The Centers for Medicare and Medicaid Services (CMS) recently finalized changes to the reimbursement policy for laboratory tests for Calendar Year 2018. The date of service (DOS) policy, or the “14-day rule” as it is commonly referred to in the laboratory industry, governs who can seek reimbursement from Medicare for clinical laboratory diagnostic tests (CLDTs) conducted on stored specimens. The revisions to the DOS rule will have a significant impact on the relationship between hospitals and laboratories that perform certain advanced diagnostic tests.
The DOS Policy
Generally, CMS bundles the payment for a laboratory test with the payment for a hospital service if the date of service for a laboratory test falls during an outpatient or inpatient stay. The default date of service for a laboratory test is the date the specimen was collected. However, the DOS rule is an exception to this policy. The exception allows a clinical laboratory to move the date of service to when a test is actually performed on the specimen if certain criteria are satisfied. By moving the date of service of the test, the laboratory is able to bill Medicare directly for the service, rather than the hospital.
Specifically, the DOS policy allows a clinical laboratory to seek reimbursement from Medicare for a test conducted on a stored specimen collected during a hospital surgical procedure when the test is ordered at least 14 days following the patient’s discharge from the hospital. If the test is ordered prior to 14 days from the patient’s discharge, however, the payment for the clinical laboratory test is bundled with the hospital payment. When enacting the 14-day rule, CMS expressed concerned that only tests that could be “legitimately distinguished” from the care a beneficiary received in the hospital should be reimbursed directly by Medicare. CMS explained that it would be difficult to make this determination if the test was ordered within 14 days of the patient’s discharge.
Critics of the DOS policy, however, have argued that such a framework requires hospitals to bill for services that they do not provide and are unrelated to the care the patient receives in the hospital setting. Additionally, the policy has proven administratively challenging for clinical laboratories, which must determine whether the particular test was collected during a hospital surgical procedure and whether it was indeed ordered 14 days following the patient’s discharge. Reimbursement can be further complicated given CMS’s decision to delegate the interpretation of such DOS policy provisions to the Medicare administrative contractors. This patchwork regulatory scheme can be confusing for clinical laboratories operating in multiple jurisdictions, which may face different reimbursement rules depending upon the jurisdiction in which they are seeking payment for a clinical laboratory test.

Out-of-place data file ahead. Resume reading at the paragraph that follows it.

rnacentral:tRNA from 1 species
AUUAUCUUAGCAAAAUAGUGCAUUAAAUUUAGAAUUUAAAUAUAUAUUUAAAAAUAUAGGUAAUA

The New Exception
The revised DOS policy will allow clinical laboratories to seek reimbursement from Medicare directly for certain advanced laboratory diagnostic tests (ALDTs) and molecular pathology tests. Effective January 1, 2018, clinical laboratories will bill Medicare directly for these laboratory tests conducted on specimens collected during a hospital outpatient encounter, but which are performed after the outpatient has been discharged from the hospital. To qualify as an ALDT under the new exception, the test must be (i) a CLDT covered under Medicare Part B, and (ii) offered and furnished by a single lab that uses a proprietary algorithm to analyze multiple biomarkers of DNA, RNA or proteins to predict the probability a specific individual patient will develop a certain condition or respond to particular therapy. Additionally, the ALDT must also provide “new clinical diagnostic information” that cannot be obtained from another test.
Unlike the original DOS rule, a laboratory’s ability to bill Medicare directly for a qualifying ALDT under the new exception will no longer depend on when the test was ordered. Laboratories may seek reimbursement directly from Medicare for such tests conducted on samples obtained from a hospital outpatient after the outpatient’s discharge, regardless of the amount of time that has elapsed from the date that the test was ordered. For those tests that do not qualify as an ALDT however, the original DOS exception will still apply. In those instances, laboratories will only be able to receive reimbursement directly from Medicare if the test is ordered at least 14 days after a patient’s discharge from the hospital.
The new DOS policy will ease some of the challenges that clinical laboratories face when seeking reimbursement for certain advanced diagnostic tests. Going forward, laboratories may more easily obtain payment for these diagnostic tests without the difficulties associated with seeking payments from hospitals.